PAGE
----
After talking for about it for a year or so, my friend Michael Morgan has nearly finished the artwork for a poster for Pushing The Pedals. There will be only 100 made, and they will be all hand silk screened here in San Francisco. Stay tuned for mo
I went out last week for a quick mini-tour in Marin, starting in San Francisco.
A tucked away log obelisk in the Presidio.
When the bridge looks like this, the weather is usually great on the other side.
Everything seemed to be blooming in the headlands.
That’s Bobcat trail, the one I normally take when I’m going to Hawk Camp. This time I took the steeper Miwok trail, because the ride down the backside to the horse stables is much more fun than going down Marincello. Here’s one of Jason F riding it, we went camping out here last month.
Jason is on a sweet Moots titanium disc cross bike with fat tires and a rear rack and panniers. He custom rigged a set of Formula hydraulic discs to mechanical drop bar brake levers for that bike that worked awesome.
I camped the first night at Haypress. When I showed up to grab my permit, the ranger told me that I was the ONLY person camping in any of the sites in the Marin Headlands that night.
Everything was so quiet! I finished my book and passed out early.
I got an early start the next morning, grabbing a coffee and scone in Mill Valley before heading up Mt. Tam on Railroad Grade. I stopped at the West Point Inn to cook myself some lunch.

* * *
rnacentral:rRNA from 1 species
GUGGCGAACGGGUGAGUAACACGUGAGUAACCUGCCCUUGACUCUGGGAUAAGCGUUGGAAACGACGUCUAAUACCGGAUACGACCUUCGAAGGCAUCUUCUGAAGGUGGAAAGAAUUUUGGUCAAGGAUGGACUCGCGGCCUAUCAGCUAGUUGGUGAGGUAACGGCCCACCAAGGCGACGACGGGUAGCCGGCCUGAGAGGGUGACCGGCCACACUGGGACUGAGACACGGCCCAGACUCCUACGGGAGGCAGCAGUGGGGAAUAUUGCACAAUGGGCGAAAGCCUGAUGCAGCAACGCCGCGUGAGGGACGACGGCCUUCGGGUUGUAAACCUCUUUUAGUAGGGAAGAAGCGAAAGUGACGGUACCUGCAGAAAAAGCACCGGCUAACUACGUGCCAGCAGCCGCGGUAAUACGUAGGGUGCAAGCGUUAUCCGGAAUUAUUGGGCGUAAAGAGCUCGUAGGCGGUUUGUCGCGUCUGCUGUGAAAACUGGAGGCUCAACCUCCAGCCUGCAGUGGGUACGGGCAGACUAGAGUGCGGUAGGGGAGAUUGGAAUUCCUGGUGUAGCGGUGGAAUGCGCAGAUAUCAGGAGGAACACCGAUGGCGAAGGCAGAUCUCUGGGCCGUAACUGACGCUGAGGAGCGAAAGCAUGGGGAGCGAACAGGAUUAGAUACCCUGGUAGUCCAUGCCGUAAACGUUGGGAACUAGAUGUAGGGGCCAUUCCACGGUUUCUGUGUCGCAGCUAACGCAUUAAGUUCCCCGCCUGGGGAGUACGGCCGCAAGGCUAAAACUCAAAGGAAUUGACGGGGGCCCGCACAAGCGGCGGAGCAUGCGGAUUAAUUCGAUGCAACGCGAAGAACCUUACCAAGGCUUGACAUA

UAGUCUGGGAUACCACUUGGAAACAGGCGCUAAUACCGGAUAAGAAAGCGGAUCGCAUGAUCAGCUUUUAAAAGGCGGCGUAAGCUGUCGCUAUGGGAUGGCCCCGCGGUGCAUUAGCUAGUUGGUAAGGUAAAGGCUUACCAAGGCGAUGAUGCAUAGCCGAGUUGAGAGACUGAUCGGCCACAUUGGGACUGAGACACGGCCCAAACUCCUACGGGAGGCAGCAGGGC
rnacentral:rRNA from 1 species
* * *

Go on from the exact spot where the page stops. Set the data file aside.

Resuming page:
This brown mush has been a recent favorite of mine. I’m only bringing one pot with my new lightweight setup, so I have to be a little bit creative. This is quinoa, a can of wild salmon, and some Trader Joe’s boil-in-a-bag eggplant curry. Delicious!
After riding down Old Stage Rd, I hit some pavement before Bolinas Ridge Trail. This is a one of the most beautiful paved roads in the world.
Bolinas Ridge could be in the Swiss Alps. Those singletracks were bumpy enough that I wished for a suspension fork.
The Salsa El Mariachi is treating me well, and I’m getting the hang of packing everything somewhat efficiently in those frame bags.
Samuel P. Taylor was my destination for the second night, a beautiful spot in such a thick redwood forest that barely any sunlight gets through to the bottom.
I feel so lucky to have lived in this area. It’s easy to take this kind of amazing variety of landscapes for granted but I don’t know how I’ll be able to beat this in my new job. Only time will tell!